Our Complicated Relationship With Plastic: 5 Essential Reads
By Martin LaMonica
From its arrival decades ago, plastic has transformed modern life. But in 2018, the alarm over the plastic pollution crisis sounded louder than ever. On Earth Day, the United Nations issued its first State of Plastics report, calling for more recycling and better ways to manufacture and manage the material in its many forms.
At The Conversation, we took a broad view of plastic, working with scholars to explain not only the environmental and health effects but also its cultural contribution and the industries that handle plastic goods—and waste.
1. We Are Guinea Pigs
People now regularly hear reports of sea animals discovered with stomachs full of human-discarded plastic. But much of the plastic pollution in the oceans is microplastics—many times smaller than the width of a human hair.
Environmental epidemiologist John Meeker from the University of Michigan writes that the health effects of these microplastics, which are also found in many consumer products, are largely unknown. He walks through what scientists do know and notes that "given that human exposure to microplastics is widespread, results from animal studies are certainly a cause for concern and an important factor for risk assessment."
2. Rivers and Lakes
Many people probably know about the great Pacific garbage patch, a massive accumulation of trash between Hawaii and California. But plastics are accumulating in lakes and rivers as well, write Matthew J. Hoffman and Christy Tyler from Rochester Institute of Technology. They describe their research that uses computer models to measure how much is piling up in the Great Lakes (about 10,000 tons per year) and to predict where it will go.
They found that because of winds, plastics do not accumulate in a giant patch as they do in the Pacific Ocean, but that introduces the question: Where is it going? "If we can accurately track different types of plastic pollution after they enter the water," they write, "we can focus on the types that end up in sensitive habitats and predict their ultimate fate." Their study found that much of it sinks to the bottom, which sheds light on what species are being affected.
3. Better Materials?
Are plant-based plastics the answer to the plastic trash problem? Biochemist Danny Ducat from Michigan State says it's not that simple. He describes the different types of bio-plastics and how recycling systems will need to change to handle plant-based plastics.
"Bio-based plastics will still languish for decades or centuries if they are thrown in the trash and buried in landfills … By contrast, compostable plastics are largely degraded within three months inside industrial compost facilities, where conditions are managed to promote aeration and temperatures are often substantially higher because of all of the microbial activity," Ducat writes.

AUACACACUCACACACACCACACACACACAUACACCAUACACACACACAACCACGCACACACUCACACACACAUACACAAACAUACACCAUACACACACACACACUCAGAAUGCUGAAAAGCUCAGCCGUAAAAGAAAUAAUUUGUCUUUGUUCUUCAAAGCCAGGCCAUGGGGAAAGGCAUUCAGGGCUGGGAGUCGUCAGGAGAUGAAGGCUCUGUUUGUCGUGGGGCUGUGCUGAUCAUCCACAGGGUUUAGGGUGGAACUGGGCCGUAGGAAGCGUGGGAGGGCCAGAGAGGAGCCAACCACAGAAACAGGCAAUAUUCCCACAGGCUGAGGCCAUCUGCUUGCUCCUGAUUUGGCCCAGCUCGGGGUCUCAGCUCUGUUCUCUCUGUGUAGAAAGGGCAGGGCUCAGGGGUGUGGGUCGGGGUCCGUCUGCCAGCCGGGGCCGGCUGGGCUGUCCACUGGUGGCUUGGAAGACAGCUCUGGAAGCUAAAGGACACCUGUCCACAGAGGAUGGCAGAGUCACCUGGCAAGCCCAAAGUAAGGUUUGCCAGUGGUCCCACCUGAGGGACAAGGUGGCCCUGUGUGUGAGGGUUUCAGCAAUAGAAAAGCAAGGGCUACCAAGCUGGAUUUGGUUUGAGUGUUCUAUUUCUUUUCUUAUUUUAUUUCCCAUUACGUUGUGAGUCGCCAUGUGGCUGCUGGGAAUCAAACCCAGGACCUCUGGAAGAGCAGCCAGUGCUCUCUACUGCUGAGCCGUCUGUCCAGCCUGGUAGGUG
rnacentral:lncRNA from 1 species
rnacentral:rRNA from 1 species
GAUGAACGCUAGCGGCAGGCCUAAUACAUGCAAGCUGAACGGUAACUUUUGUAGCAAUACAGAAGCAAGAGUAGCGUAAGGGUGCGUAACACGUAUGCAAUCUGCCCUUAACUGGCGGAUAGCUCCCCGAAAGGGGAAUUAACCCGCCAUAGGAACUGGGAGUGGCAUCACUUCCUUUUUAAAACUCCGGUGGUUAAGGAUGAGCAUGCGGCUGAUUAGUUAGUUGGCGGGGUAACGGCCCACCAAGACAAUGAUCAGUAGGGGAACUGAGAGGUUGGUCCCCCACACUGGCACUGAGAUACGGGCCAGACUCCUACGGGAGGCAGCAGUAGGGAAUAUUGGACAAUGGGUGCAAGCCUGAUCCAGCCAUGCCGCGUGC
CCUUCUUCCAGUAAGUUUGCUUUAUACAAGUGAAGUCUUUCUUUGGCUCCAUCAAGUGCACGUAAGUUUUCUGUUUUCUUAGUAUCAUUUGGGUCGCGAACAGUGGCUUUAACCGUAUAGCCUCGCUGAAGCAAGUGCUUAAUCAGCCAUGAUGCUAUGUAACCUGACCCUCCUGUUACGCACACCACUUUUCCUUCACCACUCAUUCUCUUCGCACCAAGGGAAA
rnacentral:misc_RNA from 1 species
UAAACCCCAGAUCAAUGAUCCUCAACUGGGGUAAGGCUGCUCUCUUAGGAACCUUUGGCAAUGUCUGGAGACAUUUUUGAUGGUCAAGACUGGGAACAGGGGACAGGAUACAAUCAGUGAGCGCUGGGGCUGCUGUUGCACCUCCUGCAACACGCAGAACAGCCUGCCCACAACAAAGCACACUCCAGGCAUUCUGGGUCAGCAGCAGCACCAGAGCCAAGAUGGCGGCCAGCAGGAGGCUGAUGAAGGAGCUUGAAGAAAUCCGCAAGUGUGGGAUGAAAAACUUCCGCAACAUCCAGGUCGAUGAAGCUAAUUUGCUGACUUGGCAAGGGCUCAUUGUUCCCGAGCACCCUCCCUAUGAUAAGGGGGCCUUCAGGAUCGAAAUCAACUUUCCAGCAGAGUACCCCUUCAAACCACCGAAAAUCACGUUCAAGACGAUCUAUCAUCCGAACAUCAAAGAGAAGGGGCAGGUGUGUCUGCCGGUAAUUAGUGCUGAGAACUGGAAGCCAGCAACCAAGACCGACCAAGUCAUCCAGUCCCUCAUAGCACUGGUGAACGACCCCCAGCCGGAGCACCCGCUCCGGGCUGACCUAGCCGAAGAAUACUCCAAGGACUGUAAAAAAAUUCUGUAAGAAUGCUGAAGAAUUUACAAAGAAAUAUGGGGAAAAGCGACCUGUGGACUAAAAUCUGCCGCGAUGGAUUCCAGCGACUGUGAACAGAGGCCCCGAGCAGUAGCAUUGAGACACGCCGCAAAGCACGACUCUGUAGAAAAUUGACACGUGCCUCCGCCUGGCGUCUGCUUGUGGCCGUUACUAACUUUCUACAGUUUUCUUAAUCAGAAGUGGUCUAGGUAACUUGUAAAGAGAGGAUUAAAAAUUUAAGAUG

4. The Impact of China's 'National Sword' Policy
About 75 percent of the plastics discarded in the U.S. end up in landfills. And in 2018, China threw the plastic recycling industry in disarray by sharply cutting the amount of foreign scrap material it would accept.
This has resulted in stockpiles of unrecycled trash and left municipalities considering changes to their recycling practices. University of California, Berkeley researcher Kate O'Neill sees China's rejection of our contaminated trash as an opportunity to innovate.
"Critiques of recycling are not new, and critiques of recycling plastic are many, but I still believe it makes sense to expand, not abandon, the system. This will require large-scale investment and, in the long term, implementing upstream policies, including product bans," O'Neill writes.
5. In the Hands of Designers
Certainly, there's no shortage of things to worry about when it comes to plastic. But let's also consider some of many conveniences this wonder material has brought.
Marsha Bryant from the University of Florida teaches a course in Tupperware products and their emergence in 1950s America and writes about how it demonstrates "how a compelling, innovative design can have mass appeal." And Kiersten Muenchinger from the University of Oregon tells the story of how silicone—originally conceived as an insulating material—has transformed our kitchens over the past two decades.
Martin LaMonica is the deputy editor of The Conversation.
Reposted with permission from our media associate The Conversation.
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World leaders and businesses are not putting enough money into adapting to dangerous changes in the climate and must "urgently step up action," according to a report published Thursday by the United Nations Environment Program (UNEP).